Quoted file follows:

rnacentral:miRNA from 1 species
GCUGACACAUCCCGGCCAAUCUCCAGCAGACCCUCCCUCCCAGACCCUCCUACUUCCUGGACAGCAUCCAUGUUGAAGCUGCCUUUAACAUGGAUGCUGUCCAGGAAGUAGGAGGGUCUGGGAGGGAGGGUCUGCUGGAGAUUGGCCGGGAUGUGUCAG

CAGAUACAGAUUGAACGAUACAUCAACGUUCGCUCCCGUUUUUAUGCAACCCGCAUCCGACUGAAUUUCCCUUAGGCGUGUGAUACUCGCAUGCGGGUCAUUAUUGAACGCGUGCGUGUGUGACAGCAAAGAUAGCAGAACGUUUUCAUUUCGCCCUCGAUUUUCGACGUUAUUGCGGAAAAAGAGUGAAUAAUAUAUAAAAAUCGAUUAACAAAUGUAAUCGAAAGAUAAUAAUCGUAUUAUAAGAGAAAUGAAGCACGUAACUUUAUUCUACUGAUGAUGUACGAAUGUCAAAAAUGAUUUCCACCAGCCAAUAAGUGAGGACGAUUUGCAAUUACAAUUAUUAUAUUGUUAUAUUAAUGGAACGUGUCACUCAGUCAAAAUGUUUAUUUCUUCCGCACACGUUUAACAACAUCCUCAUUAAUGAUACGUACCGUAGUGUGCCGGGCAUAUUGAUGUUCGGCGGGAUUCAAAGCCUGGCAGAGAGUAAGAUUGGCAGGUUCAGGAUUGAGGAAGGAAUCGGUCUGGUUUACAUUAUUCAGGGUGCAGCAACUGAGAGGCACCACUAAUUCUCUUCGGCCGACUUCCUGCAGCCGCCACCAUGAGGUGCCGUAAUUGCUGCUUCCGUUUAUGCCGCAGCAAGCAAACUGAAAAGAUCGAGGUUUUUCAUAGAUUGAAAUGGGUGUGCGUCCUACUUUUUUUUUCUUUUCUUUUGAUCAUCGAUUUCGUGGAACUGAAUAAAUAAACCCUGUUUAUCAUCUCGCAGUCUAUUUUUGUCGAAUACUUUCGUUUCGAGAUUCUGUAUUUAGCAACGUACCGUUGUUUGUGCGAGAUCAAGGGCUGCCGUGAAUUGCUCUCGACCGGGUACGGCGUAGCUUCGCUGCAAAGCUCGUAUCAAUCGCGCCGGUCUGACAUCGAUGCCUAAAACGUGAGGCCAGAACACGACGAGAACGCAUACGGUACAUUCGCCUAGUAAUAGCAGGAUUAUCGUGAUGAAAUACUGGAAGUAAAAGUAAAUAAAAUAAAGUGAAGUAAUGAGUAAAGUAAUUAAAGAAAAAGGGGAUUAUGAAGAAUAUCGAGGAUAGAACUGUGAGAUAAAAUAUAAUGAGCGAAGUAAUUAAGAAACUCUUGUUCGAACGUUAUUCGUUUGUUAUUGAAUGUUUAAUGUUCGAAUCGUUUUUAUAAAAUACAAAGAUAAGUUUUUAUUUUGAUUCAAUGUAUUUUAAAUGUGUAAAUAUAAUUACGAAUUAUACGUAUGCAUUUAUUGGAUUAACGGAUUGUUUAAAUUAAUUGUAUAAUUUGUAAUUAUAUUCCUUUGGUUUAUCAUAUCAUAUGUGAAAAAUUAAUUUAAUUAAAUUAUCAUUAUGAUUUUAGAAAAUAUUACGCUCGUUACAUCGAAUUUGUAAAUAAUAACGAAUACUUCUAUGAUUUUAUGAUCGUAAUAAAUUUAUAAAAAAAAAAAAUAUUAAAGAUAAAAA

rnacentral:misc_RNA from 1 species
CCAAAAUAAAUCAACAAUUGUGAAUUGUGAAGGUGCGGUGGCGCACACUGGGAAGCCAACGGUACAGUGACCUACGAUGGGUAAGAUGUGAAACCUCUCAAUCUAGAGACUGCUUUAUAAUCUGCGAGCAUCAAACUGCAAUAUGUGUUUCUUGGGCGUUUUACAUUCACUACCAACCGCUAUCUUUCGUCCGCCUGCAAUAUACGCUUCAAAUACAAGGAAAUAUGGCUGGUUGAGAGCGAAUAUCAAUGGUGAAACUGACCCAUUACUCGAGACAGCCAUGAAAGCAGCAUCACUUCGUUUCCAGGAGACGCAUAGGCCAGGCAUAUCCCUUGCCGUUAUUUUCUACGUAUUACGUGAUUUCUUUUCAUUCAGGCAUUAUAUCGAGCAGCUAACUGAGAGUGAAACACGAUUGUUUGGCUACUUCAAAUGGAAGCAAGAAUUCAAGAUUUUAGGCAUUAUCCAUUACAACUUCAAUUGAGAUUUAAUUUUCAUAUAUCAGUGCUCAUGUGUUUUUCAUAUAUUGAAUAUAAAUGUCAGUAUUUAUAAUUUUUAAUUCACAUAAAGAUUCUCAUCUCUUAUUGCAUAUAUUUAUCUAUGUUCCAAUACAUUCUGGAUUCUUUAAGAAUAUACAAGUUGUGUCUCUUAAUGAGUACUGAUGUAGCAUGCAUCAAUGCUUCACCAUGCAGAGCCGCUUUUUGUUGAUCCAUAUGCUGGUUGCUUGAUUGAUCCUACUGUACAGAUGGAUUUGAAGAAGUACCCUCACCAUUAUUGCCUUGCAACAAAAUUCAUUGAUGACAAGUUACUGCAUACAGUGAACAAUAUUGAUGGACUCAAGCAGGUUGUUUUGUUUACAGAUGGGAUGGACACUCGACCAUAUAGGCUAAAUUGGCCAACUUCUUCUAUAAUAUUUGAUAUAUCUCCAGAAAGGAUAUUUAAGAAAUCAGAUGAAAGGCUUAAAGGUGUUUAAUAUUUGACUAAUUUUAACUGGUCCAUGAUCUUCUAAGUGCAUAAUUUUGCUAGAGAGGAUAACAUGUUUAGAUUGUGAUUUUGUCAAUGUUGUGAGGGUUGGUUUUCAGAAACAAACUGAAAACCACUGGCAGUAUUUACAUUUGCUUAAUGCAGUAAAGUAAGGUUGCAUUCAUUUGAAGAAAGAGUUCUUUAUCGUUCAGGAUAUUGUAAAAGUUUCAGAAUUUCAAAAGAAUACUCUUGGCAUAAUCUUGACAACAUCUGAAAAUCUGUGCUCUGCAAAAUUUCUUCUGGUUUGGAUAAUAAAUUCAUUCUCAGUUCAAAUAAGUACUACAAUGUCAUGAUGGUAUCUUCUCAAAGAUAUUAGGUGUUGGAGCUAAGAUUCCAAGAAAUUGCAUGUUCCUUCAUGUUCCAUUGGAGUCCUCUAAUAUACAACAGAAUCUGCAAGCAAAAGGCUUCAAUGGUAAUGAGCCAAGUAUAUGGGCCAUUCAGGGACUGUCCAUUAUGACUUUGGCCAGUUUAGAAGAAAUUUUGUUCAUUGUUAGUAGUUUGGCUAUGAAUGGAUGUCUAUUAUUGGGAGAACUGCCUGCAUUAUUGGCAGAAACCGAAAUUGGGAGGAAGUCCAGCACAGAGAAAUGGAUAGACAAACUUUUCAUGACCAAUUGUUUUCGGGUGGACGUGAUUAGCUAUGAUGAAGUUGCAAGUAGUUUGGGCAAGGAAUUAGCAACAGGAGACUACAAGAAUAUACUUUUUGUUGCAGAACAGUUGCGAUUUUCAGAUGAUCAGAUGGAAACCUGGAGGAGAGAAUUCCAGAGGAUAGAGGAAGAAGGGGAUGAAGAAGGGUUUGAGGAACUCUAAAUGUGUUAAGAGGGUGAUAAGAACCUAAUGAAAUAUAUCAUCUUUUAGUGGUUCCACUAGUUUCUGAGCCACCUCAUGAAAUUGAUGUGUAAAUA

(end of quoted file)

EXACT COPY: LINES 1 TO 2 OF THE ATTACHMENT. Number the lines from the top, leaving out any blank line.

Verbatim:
rnacentral:miRNA from 1 species
GCUGACACAUCCCGGCCAAUCUCCAGCAGACCCUCCCUCCCAGACCCUCCUACUUCCUGGACAGCAUCCAUGUUGAAGCUGCCUUUAACAUGGAUGCUGUCCAGGAAGUAGGAGGGUCUGGGAGGGAGGGUCUGCUGGAGAUUGGCCGGGAUGUGUCAG